Five great white sharks, one almost 5 metres long, have been spotted lurking in the waters near beaches in New York and New Jersey, the New York Post reported citing Ocearch, a website that tracks the movement of sharks. All of the apex predators have been given names and are being monitored via electronic tags attached to them.
Caroline, 2.4 metres, was spotted between Seaside Heights and Barnegat Light in New Jersey on 1 July, while Cabot, 2.7 metres and Caper 2.4 metres were seen last month in the Hamptons in New York. Ocearch also spotted a newcomer Vimy, who is almost 4 metres long and was spotted in southern New Jersey on 10 July. The cherry on top is Mary Lee at 4.8 metres long.
Despite the seemingly menacing news, the presence of great white sharks is a good thing and a sign that the water is healthy, Paul Sieswerda, head of Gotham Whale, a research and advocacy organisation told the New York Post. Sieswerda says clean water attract sharks’ prey and consequently the predators themselves.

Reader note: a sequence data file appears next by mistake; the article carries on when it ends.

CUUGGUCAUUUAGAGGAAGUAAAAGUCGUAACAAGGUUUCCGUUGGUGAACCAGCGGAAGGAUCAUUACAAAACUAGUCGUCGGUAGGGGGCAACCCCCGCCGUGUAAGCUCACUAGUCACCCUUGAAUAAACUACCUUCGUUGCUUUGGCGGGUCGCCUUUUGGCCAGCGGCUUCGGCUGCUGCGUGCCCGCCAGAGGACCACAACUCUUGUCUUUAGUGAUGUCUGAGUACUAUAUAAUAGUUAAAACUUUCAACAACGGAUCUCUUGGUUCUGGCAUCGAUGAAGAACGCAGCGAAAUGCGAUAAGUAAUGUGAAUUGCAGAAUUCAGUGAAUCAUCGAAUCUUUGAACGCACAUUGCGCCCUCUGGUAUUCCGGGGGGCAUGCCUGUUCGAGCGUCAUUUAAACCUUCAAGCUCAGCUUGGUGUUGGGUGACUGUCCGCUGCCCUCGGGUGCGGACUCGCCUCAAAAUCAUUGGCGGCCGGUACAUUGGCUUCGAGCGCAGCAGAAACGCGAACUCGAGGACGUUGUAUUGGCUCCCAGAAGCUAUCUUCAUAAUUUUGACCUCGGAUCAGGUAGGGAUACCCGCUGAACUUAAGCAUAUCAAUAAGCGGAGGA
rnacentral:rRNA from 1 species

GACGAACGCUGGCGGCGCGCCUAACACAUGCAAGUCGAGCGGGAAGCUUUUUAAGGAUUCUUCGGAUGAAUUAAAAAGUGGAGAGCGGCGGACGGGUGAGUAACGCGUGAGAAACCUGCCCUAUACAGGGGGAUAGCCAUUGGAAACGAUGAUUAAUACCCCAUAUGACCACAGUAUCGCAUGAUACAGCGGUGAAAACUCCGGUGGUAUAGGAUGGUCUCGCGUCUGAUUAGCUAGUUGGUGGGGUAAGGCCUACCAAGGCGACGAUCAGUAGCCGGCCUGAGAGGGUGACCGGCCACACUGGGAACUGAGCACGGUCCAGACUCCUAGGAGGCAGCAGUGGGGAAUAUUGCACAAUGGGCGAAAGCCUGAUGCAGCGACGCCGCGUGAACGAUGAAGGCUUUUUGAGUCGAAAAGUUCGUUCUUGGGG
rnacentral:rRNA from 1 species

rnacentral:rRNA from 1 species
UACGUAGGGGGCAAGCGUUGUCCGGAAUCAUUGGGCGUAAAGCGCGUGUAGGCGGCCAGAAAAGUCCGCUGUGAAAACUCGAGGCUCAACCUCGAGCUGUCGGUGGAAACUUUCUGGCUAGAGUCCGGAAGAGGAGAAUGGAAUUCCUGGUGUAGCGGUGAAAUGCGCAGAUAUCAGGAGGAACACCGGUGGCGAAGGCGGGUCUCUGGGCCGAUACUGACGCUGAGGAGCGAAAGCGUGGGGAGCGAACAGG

Chris Fischer, founder of Ocearch, said sharks prey on the weak thus keeping marine stocks strong and ensuring that "everyone will see an ocean full of fish for generations, and our great-grandkids will be able to enjoy fish sandwiches and lobster rolls deep into the future".
Fischer warns, however, that people should not swim in the ocean where they see seals, bait fish crashing, or birds diving, otherwise they may end up in a shark's clutches.
The development follows a 26-year-old man dying after reportedly being attacked by a great white shark while surfing with friends in Santa Cruz, California.